Restoration of a deeply loved Chacom Rallye


Blog by Roberto Castiglioni

Over the past month I have corresponded with Rob about a variety of things about restoration processes and procedures. He is a great guy! When he sent me photos of his work on this pipe I wrote and asked him to write it up for rebornpipes. Without further words on my part his is Rob. Welcome to rebornpipes. — Steve

Bizarre hobbies like these prove that nothing is too arcane for humans. Fortunately, the insane have valiantly stepped up to plug that gap.

Seeing a dirty and damaged pipe come back to life makes me extremely happy. That happiness comes from fact that I am handling something that is old and has a long history. The more dirty they are more interested I am. Sometimes I ask to myself how the previous pipe smoker could smoke them. Sometimes I get a stem with double hole, a tobacco chamber with a very limited space. It is then that I remember when my father told me when I was younger that my great-grandparent’s pipe needed maintenance .

This is a very amazing hobby where I can practice applying all my knowledge of Mechanical Engineering. I can use even what I learned  high school about adjusting a piece of steel manually by means of files and other tools without using machine tools.

I am very thankful to those gents of rebornpipes for their willingness to post and teach others. They have shown how experience and manual work still has value in this modern society .

For a beginner, who most of the time is a dummy, reading all the posts in different forums to learn a general procedure how to do the work is extremely important. In rebornpipes I found a lot of information and suggestions on how to proceed.

With many thanks I have enclosed my first important restoration on Chacom Rallye …

Here are the before photos of the pipe. The stem was very damaged with a bite through on the top side and much chewing around the edges of the stem. The fit of the stem in the shank is also not good. The bowl is very dirty with little room in the bowl – thick cake and lots of overflow on to the back side of the rim.I reamed the bowl with reamers. I sanded out the bowl to remove the remants of cake. I cleaned the mortise, and the airway in the shank and stem with pipe cleaners and alcohol. I patched the chewed through stem and cleaned and polished the stem.Once the pipe was clean the metal tenon was loose in the mortise so I painted it with a coat of clear fingernail polish and let it dry in my improvised clothespin vise. You can see what the bowl looks like now in the next two photos. It is quite a change. Here are some photos of the completed pipe. Thanks Rob from Italy.

Cleaning up a Peterson of Dublin Killarney Ebony 999 Rhodesian


Blog by Steve Laug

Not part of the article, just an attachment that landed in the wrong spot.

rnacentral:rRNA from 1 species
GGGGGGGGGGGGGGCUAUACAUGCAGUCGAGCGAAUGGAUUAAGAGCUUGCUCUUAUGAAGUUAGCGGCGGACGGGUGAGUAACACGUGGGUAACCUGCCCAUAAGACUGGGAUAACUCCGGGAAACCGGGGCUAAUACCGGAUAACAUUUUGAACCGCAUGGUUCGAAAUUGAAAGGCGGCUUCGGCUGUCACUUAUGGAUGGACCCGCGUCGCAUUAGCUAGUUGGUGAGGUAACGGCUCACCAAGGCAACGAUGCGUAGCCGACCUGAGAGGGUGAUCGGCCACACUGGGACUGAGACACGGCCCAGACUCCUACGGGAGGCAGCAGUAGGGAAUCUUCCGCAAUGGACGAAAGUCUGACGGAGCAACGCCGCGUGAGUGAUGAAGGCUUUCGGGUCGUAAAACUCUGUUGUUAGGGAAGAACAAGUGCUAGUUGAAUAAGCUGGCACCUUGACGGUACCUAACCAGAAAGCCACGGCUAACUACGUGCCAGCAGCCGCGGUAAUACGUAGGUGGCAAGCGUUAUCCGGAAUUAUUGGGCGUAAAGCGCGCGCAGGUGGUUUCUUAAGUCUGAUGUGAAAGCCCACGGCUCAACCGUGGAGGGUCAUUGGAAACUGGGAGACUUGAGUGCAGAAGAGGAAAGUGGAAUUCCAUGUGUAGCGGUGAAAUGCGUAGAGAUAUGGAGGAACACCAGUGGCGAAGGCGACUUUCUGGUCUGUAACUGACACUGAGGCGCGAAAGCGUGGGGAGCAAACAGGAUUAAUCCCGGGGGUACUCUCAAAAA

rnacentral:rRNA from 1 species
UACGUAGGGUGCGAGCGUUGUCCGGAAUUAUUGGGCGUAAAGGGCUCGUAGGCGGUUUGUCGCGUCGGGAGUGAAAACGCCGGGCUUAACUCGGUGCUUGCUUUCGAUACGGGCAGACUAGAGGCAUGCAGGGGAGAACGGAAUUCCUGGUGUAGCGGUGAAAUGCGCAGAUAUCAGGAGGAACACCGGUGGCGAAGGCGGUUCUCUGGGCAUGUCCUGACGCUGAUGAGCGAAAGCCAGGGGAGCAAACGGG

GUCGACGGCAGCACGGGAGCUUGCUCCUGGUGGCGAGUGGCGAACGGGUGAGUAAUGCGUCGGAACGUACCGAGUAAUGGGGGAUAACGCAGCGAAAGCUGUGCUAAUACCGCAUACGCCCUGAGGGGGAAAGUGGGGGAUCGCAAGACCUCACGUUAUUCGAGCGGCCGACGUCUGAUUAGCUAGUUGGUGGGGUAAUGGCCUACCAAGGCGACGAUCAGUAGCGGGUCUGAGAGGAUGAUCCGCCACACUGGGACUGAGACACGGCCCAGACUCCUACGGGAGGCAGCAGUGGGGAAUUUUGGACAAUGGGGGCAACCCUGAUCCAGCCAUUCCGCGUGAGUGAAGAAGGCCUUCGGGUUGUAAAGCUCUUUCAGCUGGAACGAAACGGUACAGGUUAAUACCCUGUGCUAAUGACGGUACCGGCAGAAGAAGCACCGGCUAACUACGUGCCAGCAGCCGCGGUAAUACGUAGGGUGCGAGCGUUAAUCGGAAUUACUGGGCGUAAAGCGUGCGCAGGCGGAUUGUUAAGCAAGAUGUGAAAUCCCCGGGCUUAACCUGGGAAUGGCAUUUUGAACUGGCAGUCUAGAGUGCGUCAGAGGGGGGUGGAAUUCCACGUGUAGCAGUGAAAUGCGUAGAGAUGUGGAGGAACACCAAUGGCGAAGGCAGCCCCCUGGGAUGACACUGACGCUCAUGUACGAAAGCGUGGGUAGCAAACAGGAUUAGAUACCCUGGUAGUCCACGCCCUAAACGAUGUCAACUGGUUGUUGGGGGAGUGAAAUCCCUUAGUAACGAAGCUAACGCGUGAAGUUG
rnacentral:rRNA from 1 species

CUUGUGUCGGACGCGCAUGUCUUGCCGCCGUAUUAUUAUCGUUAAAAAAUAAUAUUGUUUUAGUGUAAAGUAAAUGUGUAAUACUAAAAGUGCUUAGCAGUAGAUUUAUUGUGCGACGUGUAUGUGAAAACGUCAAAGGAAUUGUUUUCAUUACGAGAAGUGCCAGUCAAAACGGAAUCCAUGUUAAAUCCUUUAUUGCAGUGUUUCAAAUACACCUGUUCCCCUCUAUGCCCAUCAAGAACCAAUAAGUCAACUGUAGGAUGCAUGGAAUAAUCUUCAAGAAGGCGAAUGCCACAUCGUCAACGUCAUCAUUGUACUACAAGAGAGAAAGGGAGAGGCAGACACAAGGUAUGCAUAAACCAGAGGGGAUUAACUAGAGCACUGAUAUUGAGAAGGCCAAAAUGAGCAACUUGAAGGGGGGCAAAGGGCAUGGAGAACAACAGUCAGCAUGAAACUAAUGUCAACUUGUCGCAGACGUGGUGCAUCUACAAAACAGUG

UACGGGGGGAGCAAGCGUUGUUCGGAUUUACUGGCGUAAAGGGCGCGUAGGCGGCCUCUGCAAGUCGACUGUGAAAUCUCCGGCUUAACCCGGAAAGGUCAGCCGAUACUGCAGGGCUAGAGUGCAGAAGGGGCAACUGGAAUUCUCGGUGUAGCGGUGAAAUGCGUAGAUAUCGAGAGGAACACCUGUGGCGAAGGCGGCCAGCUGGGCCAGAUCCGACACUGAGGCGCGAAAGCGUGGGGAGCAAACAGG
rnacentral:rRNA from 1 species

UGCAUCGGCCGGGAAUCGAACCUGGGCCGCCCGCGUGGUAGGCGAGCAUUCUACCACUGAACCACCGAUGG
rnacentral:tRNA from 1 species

The next pipe on the work table was a Peterson of Dublin 999 – one of my favourite shapes. This one is a dress edition (coated with a shiny black paint). In researching the pipe a bit I found that it was part of what was called the Killarney Ebony Series. Where the typical Killarney sported a rich red stain, this one had a shiny black finish. There were a few very small dings but none breaking through the finish. The top of the bowl was a little dirty but nothing significant. The end of the shank had a silver band with a black acrylic insert. The pipe was a classic 999 Peterson’s Rhodesian with a thicker shank. The left side of the shank was stamped Peterson over of Dublin in an arc over Killarney. The right side was stamped with the shape number 999. The outside of the pipe was clean. There was a thin cake in the bowl, a slight buildup of grime on the top of the rim. The tapered fishtail stem was oxidized but the Peterson P logo on the left side was perfect. There were not any tooth marks and only light tooth chatter on the stem. I took photos of the pipe before I cleaned it up. I took a close up photo of the bowl and rim to show the condition of the pipe before I started to work on it. The top was dirty with some tarry residue but no damage to the surface of the rim. The bowl had a thin cake but looked to be solid. There was a very sweet smelling aromatic tobacco scent to the entire pipe. The finish of the bowl was in good condition. The second and third photos show the condition of the stem.I cleaned off the buildup on the top of the rim with a cotton pad and saliva until the rim top was clean. It would need to be polished but it was clean and undamaged. I reamed the bowl with a Savinelli Fitsall Pipe Knife and scraped the cake back to bare briar.Because of the overwhelming sweet aromatic smell I stuffed cotton balls into the bowl and filled it with 99% isopropyl alcohol to leach out the oils in the briar. I put a folded pipe cleaner in the shank to wick out the oils in the shank. I use an ear syringe (bulb) to put the alcohol in the bowl and keep it off of the finish. I did not want to damage the painted shiny black finish with the alcohol. The P logo on the stem was in perfect condition so I worked around that so as not to damage it. I lightly sanded the stem down with 220 grit sandpaper to remove the oxidation and tooth chatter on both sides of the stem at the button. I polished the stem with micromesh sanding pads – wet sanding with 1500-2400 grit pads and dry sanding with 3200-12000 grit pads. I wiped the stem down after each pad with Obsidian Oil to preserve and protect the rubber. I finished polishing the stem with Before & After Pipe Stem Polish – both Fine and Extra Fine polish. I polished it and afterward I gave it a final coat and set it aside to dry. After the bowl had been sitting with the alcohol and cotton balls overnight I took the following photo to show how much of the tars and oils leached out into the cotton. I removed them and threw them away. I scrubbed out the bowl with a cotton pad to remove the remaining debris from the cotton. I scrubbed out the shank – working on the mortise with pipe cleaners, cotton swabs and alcohol until it was clean. I cleaned the airway in the shank and stem with alcohol and pipe cleaners as well. I always use 99% isopropyl alcohol because of the low percentage of water in it and the quick evaporation rate.With the interior and exterior of the pipe clean I rubbed down the briar with Before & After Restoration Balm. I worked it into the plateau on the rim top and shank end as well as into the smooth briar on the rest of the bowl and shank. The Balm works to clean, enliven and protect the briar. I worked it into the briar with my fingertips and the help of a horsehair shoe brush. I let the balm sit for a little wall and then buffed with a cotton cloth to raise the shine. The briar came alive with the balm. I took the following photos to give a picture of the pipe at this point in the process. I the polished the bowl and stem on the buffing wheel with Blue Diamond to remove the remaining small scratches and raise the shine. I gave the bowl and stem multiple coats of carnauba wax and buffed the pipe with a clean buffing pad to raise the shine. I hand buffed it with a microfiber cloth to deepen the shine. The pipe polished up pretty nicely. This turned out to be a beautiful pipe in terms of shape and finish. The finished pipe is shown in the photos below. The dimensions are Length: 6 inches, Height: 1 1/2 inches, Outside diameter of the bowl: 1 3/4 inches, Chamber diameter: 3/4 of an inch. Thanks for walking through the restoration with me as I worked over the Peterson’s Killarney Ebony. I will be adding it to the rebornpipes store shortly so if you are interested in adding it to your collection send me an email or a message on Facebook. Thanks for looking.